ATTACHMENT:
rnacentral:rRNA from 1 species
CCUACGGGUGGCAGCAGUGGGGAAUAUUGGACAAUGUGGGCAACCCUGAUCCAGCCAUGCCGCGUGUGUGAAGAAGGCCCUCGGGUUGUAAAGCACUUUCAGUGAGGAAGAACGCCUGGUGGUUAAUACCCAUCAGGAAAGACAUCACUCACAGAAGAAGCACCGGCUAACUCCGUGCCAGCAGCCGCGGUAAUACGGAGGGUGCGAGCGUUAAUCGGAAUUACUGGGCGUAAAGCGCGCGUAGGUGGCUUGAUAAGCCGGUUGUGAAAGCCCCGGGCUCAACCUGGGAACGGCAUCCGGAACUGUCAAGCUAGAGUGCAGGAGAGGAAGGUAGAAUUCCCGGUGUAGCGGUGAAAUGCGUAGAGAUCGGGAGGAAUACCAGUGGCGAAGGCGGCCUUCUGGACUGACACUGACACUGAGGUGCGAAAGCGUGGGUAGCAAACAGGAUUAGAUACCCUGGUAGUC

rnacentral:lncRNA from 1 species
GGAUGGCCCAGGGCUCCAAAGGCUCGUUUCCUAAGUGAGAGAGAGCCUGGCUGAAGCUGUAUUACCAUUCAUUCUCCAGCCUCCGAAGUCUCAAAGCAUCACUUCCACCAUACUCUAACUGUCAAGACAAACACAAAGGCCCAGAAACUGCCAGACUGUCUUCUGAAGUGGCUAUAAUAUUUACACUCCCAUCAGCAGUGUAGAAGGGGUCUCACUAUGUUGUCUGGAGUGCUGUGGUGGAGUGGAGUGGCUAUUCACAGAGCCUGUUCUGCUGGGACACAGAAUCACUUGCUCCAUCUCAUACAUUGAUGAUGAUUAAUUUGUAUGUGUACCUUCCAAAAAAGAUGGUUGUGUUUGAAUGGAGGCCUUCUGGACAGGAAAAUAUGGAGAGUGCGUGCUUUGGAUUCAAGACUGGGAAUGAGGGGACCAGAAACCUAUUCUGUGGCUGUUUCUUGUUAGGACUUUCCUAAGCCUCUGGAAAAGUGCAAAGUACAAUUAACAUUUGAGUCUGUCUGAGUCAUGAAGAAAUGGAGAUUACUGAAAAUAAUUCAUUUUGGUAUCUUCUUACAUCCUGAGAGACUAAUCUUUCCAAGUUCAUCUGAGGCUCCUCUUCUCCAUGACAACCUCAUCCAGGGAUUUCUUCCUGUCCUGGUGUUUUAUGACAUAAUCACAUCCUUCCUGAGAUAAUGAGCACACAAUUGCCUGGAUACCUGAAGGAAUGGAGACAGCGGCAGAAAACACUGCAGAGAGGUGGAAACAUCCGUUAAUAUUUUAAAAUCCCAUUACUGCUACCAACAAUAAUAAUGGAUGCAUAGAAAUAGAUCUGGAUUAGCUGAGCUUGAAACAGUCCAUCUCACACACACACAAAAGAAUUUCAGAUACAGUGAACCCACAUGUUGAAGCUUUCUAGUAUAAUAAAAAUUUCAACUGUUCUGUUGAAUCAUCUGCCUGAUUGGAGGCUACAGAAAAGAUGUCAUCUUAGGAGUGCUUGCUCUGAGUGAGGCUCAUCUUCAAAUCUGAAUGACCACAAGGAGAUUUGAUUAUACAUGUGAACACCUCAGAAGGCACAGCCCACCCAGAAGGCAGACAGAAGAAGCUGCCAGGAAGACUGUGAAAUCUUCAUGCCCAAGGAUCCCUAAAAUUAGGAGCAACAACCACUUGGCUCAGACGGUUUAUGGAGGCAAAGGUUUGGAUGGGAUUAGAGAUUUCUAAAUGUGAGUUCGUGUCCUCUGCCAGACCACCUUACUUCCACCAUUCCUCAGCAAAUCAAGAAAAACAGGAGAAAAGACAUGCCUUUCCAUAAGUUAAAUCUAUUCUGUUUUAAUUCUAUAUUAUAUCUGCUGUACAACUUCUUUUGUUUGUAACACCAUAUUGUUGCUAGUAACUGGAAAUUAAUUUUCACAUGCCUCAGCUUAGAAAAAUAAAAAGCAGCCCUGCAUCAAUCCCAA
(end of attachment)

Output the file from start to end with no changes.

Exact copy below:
rnacentral:rRNA from 1 species
CCUACGGGUGGCAGCAGUGGGGAAUAUUGGACAAUGUGGGCAACCCUGAUCCAGCCAUGCCGCGUGUGUGAAGAAGGCCCUCGGGUUGUAAAGCACUUUCAGUGAGGAAGAACGCCUGGUGGUUAAUACCCAUCAGGAAAGACAUCACUCACAGAAGAAGCACCGGCUAACUCCGUGCCAGCAGCCGCGGUAAUACGGAGGGUGCGAGCGUUAAUCGGAAUUACUGGGCGUAAAGCGCGCGUAGGUGGCUUGAUAAGCCGGUUGUGAAAGCCCCGGGCUCAACCUGGGAACGGCAUCCGGAACUGUCAAGCUAGAGUGCAGGAGAGGAAGGUAGAAUUCCCGGUGUAGCGGUGAAAUGCGUAGAGAUCGGGAGGAAUACCAGUGGCGAAGGCGGCCUUCUGGACUGACACUGACACUGAGGUGCGAAAGCGUGGGUAGCAAACAGGAUUAGAUACCCUGGUAGUC

rnacentral:lncRNA from 1 species
GGAUGGCCCAGGGCUCCAAAGGCUCGUUUCCUAAGUGAGAGAGAGCCUGGCUGAAGCUGUAUUACCAUUCAUUCUCCAGCCUCCGAAGUCUCAAAGCAUCACUUCCACCAUACUCUAACUGUCAAGACAAACACAAAGGCCCAGAAACUGCCAGACUGUCUUCUGAAGUGGCUAUAAUAUUUACACUCCCAUCAGCAGUGUAGAAGGGGUCUCACUAUGUUGUCUGGAGUGCUGUGGUGGAGUGGAGUGGCUAUUCACAGAGCCUGUUCUGCUGGGACACAGAAUCACUUGCUCCAUCUCAUACAUUGAUGAUGAUUAAUUUGUAUGUGUACCUUCCAAAAAAGAUGGUUGUGUUUGAAUGGAGGCCUUCUGGACAGGAAAAUAUGGAGAGUGCGUGCUUUGGAUUCAAGACUGGGAAUGAGGGGACCAGAAACCUAUUCUGUGGCUGUUUCUUGUUAGGACUUUCCUAAGCCUCUGGAAAAGUGCAAAGUACAAUUAACAUUUGAGUCUGUCUGAGUCAUGAAGAAAUGGAGAUUACUGAAAAUAAUUCAUUUUGGUAUCUUCUUACAUCCUGAGAGACUAAUCUUUCCAAGUUCAUCUGAGGCUCCUCUUCUCCAUGACAACCUCAUCCAGGGAUUUCUUCCUGUCCUGGUGUUUUAUGACAUAAUCACAUCCUUCCUGAGAUAAUGAGCACACAAUUGCCUGGAUACCUGAAGGAAUGGAGACAGCGGCAGAAAACACUGCAGAGAGGUGGAAACAUCCGUUAAUAUUUUAAAAUCCCAUUACUGCUACCAACAAUAAUAAUGGAUGCAUAGAAAUAGAUCUGGAUUAGCUGAGCUUGAAACAGUCCAUCUCACACACACACAAAAGAAUUUCAGAUACAGUGAACCCACAUGUUGAAGCUUUCUAGUAUAAUAAAAAUUUCAACUGUUCUGUUGAAUCAUCUGCCUGAUUGGAGGCUACAGAAAAGAUGUCAUCUUAGGAGUGCUUGCUCUGAGUGAGGCUCAUCUUCAAAUCUGAAUGACCACAAGGAGAUUUGAUUAUACAUGUGAACACCUCAGAAGGCACAGCCCACCCAGAAGGCAGACAGAAGAAGCUGCCAGGAAGACUGUGAAAUCUUCAUGCCCAAGGAUCCCUAAAAUUAGGAGCAACAACCACUUGGCUCAGACGGUUUAUGGAGGCAAAGGUUUGGAUGGGAUUAGAGAUUUCUAAAUGUGAGUUCGUGUCCUCUGCCAGACCACCUUACUUCCACCAUUCCUCAGCAAAUCAAGAAAAACAGGAGAAAAGACAUGCCUUUCCAUAAGUUAAAUCUAUUCUGUUUUAAUUCUAUAUUAUAUCUGCUGUACAACUUCUUUUGUUUGUAACACCAUAUUGUUGCUAGUAACUGGAAAUUAAUUUUCACAUGCCUCAGCUUAGAAAAAUAAAAAGCAGCCCUGCAUCAAUCCCAA